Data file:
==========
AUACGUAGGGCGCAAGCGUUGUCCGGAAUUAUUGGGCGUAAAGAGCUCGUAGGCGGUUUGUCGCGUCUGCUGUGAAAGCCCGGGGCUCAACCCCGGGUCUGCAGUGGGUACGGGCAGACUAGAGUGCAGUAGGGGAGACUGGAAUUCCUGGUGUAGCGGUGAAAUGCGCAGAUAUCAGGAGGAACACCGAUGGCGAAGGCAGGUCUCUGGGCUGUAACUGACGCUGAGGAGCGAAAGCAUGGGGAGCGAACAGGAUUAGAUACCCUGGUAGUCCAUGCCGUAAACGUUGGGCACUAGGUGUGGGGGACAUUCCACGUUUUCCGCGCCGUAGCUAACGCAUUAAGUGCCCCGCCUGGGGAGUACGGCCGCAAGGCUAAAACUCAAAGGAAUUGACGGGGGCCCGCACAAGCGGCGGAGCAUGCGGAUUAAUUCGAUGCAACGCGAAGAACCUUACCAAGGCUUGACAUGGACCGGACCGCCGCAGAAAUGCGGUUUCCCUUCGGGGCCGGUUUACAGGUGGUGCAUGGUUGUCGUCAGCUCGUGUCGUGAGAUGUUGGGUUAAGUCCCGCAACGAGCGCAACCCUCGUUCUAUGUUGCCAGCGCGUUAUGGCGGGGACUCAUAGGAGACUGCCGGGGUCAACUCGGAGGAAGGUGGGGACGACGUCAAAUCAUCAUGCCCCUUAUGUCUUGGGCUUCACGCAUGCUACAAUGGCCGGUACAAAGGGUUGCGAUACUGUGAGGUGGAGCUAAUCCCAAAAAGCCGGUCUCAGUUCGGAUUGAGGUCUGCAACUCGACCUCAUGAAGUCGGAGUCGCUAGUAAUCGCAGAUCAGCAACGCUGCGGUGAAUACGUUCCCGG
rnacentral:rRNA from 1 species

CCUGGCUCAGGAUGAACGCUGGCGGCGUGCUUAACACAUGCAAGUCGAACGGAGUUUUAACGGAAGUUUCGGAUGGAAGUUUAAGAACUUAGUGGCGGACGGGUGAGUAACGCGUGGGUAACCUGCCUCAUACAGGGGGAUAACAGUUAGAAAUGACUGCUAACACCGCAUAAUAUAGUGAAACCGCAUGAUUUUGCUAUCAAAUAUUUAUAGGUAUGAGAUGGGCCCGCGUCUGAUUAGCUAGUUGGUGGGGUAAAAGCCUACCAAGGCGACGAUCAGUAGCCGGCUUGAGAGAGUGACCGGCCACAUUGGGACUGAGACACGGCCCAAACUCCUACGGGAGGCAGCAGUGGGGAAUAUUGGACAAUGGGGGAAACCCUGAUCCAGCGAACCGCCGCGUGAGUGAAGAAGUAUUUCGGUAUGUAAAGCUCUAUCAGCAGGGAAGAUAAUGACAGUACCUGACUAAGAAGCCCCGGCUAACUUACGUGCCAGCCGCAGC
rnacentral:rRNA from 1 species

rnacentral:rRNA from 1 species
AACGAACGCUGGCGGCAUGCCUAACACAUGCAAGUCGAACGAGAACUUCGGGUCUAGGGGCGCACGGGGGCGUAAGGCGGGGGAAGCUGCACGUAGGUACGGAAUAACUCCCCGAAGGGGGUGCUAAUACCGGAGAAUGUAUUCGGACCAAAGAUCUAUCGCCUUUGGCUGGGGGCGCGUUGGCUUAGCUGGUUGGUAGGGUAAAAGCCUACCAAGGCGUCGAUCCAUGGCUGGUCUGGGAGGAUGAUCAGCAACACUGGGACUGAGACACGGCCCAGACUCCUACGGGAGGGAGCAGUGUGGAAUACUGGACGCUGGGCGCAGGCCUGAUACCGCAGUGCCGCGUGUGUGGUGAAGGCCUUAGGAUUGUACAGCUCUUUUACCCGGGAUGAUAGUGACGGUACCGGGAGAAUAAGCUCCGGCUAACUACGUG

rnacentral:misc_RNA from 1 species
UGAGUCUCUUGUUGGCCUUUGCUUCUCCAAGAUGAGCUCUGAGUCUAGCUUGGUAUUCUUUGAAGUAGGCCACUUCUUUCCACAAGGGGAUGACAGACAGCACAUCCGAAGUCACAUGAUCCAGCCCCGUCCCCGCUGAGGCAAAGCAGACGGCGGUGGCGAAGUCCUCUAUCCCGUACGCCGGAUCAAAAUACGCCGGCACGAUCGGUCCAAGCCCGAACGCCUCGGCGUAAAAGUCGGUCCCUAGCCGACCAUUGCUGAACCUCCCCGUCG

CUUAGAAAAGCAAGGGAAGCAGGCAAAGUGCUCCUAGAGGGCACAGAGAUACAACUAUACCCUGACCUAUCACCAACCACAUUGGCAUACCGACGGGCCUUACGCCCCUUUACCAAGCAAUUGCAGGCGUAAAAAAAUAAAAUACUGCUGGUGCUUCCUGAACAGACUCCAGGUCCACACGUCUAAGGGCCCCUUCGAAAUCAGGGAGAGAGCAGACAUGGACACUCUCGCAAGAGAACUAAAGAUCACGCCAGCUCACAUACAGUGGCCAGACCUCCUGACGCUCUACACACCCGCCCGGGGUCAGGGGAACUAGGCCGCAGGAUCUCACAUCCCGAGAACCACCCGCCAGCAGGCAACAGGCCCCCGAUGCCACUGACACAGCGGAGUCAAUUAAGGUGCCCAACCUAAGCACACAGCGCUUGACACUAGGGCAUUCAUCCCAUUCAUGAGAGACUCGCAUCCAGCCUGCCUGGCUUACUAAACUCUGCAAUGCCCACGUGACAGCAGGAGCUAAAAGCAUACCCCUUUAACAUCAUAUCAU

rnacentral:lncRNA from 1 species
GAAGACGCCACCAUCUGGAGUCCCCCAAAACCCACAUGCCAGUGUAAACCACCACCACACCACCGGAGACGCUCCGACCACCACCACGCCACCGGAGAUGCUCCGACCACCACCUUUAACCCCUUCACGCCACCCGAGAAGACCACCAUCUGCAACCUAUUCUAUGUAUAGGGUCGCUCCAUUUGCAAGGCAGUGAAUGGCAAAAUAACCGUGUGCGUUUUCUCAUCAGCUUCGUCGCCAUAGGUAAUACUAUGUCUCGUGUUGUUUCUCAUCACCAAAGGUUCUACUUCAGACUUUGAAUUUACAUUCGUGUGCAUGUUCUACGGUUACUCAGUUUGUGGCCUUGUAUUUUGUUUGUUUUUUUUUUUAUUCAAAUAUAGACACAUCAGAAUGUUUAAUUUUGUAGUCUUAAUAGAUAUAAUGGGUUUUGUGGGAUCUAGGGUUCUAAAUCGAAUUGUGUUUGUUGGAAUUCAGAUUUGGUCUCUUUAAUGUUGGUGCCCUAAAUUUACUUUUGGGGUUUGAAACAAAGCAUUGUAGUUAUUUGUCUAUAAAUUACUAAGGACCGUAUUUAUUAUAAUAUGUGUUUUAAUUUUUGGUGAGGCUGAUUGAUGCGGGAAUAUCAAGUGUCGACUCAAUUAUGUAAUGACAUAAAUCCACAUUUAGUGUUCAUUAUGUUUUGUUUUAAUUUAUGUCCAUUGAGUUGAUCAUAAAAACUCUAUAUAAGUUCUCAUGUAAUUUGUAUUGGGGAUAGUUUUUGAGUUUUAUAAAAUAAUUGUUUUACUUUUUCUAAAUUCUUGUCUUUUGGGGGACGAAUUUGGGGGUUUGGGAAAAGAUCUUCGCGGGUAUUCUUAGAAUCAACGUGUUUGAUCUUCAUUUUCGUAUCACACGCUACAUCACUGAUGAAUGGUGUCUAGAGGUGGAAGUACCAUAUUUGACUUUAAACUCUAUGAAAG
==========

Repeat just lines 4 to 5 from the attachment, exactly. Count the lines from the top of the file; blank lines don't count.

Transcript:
rnacentral:rRNA from 1 species

rnacentral:rRNA from 1 species